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Image that says Spheres. Image of the full Earth and a cut-away Earth with the lithosphere exposed.  Please have someone assist you with this.
Source Map: National Geophysical Data Center

Lithosphere
Wow! That's the lithosphere! See how uneven the surface of the lithosphere is. There are high mountains ranges like the Rockies and Andes (in reds), huge plains like those in Texas, Iowa and Brazil (in greens), and the deep valleys of the ocean floor (in blues). We walk and climb on this part of the lithosphere.

But the surface of Earth is only the very top of the lithosphere. If you look at the cut-away globe above, you can see the rest of the lithosphere with its many layers like an onion. The very thin crust on top, the thick mantle underneath, and the huge core of liquid iron at the center.

You must be careful with the word "lithosphere," though. It is tricky! "Lithosphere" has different meanings. As we are using it here, it means both the rocky surface and the whole inside of Earth. But the deep interior of Earth is very hot, and even though the rocks there are mostly solid, they can flow over long periods of geologic time like soft butter. This flow on the inside causes the cold, hard surface layer of Earth to break into pieces and move around. This movement causes earthquakes and mountain ranges and is called "plate tectonics." When talking about plate tectonics, geologists use the word "lithosphere" to mean only the cold, hard part at the surface, and not the whole inside of the Earth.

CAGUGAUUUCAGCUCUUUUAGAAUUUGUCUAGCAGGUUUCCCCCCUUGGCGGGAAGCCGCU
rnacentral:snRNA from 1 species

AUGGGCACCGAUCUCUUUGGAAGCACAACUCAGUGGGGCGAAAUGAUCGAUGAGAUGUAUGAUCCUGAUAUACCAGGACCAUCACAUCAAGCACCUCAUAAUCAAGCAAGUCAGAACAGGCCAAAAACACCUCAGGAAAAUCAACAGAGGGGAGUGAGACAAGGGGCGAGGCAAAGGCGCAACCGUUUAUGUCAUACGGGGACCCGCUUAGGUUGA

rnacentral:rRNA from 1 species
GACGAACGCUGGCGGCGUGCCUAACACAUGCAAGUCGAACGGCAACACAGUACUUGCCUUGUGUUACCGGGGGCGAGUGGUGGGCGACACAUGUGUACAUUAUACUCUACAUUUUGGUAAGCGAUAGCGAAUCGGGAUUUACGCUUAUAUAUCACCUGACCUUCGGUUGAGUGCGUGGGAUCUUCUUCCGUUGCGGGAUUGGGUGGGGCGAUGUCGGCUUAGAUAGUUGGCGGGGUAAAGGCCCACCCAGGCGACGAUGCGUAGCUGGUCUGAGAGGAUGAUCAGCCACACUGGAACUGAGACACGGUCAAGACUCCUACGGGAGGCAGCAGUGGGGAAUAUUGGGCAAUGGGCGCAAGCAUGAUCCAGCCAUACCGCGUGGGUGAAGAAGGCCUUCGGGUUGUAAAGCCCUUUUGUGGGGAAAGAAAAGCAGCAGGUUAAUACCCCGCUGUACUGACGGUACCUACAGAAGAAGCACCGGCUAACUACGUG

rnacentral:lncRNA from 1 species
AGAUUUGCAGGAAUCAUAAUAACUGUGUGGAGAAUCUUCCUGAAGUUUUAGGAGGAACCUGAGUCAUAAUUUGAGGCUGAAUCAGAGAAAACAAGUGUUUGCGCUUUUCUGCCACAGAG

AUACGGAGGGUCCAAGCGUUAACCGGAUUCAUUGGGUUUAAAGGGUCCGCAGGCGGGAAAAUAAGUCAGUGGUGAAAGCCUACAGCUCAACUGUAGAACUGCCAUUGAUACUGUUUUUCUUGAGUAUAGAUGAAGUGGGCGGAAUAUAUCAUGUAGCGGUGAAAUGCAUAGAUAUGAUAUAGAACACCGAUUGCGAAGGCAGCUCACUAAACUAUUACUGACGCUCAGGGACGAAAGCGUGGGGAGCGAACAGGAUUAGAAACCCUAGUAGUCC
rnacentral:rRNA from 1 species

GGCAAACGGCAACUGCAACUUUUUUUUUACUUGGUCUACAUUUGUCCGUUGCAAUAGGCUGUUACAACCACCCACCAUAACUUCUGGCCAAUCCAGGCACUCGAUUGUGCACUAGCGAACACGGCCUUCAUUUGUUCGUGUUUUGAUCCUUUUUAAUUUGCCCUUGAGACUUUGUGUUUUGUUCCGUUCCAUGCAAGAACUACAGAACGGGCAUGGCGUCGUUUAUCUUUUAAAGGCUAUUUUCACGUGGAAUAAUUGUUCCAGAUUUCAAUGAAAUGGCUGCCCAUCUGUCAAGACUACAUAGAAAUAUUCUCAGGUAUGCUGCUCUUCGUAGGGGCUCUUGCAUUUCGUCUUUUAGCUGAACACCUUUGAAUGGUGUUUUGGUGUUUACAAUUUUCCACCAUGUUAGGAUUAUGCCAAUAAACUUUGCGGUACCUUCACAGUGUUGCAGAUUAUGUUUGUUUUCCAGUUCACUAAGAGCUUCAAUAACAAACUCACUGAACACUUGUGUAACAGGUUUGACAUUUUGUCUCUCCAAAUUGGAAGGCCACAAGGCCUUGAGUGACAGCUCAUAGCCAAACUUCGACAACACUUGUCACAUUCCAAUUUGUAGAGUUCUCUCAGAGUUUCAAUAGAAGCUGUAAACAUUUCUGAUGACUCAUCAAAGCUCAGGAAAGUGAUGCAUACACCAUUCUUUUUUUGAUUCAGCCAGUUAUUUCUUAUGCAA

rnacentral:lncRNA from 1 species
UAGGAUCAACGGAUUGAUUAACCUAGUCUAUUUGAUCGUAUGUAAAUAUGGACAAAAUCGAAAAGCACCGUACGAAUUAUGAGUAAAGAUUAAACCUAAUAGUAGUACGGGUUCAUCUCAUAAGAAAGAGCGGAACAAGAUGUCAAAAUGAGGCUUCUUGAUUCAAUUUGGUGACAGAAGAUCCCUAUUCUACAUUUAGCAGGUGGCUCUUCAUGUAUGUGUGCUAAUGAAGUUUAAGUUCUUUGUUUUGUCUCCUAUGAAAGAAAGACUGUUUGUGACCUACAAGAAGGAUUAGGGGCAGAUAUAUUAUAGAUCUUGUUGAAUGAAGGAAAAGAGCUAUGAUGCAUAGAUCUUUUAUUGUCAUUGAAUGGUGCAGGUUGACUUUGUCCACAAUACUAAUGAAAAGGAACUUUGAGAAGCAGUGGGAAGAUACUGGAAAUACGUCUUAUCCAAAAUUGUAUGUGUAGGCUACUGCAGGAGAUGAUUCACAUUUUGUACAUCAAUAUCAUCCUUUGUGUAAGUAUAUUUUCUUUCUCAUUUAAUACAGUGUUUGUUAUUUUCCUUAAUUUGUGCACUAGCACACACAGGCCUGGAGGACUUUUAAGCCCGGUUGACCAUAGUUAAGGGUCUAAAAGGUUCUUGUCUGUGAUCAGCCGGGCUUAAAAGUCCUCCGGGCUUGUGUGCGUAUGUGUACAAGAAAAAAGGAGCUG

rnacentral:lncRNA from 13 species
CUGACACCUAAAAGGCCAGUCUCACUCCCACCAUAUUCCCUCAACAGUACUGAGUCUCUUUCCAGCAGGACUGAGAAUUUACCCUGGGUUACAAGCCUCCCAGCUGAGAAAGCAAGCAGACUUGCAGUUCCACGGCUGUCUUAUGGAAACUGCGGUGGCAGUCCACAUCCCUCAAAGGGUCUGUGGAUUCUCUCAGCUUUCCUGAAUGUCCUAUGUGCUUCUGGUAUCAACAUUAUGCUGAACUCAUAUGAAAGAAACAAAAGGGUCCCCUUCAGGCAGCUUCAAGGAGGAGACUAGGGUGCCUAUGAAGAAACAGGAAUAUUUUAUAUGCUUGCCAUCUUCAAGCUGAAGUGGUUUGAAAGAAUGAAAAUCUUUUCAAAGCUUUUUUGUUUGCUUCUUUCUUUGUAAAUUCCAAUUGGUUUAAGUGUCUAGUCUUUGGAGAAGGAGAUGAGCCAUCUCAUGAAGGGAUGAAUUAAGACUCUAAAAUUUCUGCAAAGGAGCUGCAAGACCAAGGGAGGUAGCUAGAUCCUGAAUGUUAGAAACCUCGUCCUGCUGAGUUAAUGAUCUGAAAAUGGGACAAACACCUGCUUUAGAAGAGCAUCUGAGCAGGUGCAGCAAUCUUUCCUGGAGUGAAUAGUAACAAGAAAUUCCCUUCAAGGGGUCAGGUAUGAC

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Spheres
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Hydrosphere
Cryosphere
Biosphere
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Spheres | Lithosphere | Hydrosphere | Cryosphere | Biosphere | Atmosphere | Exosphere | Exact Spheres

Diversity | Adaptation | Plate Tectonics | Cycles | Spheres | Biomes | Geologic Time

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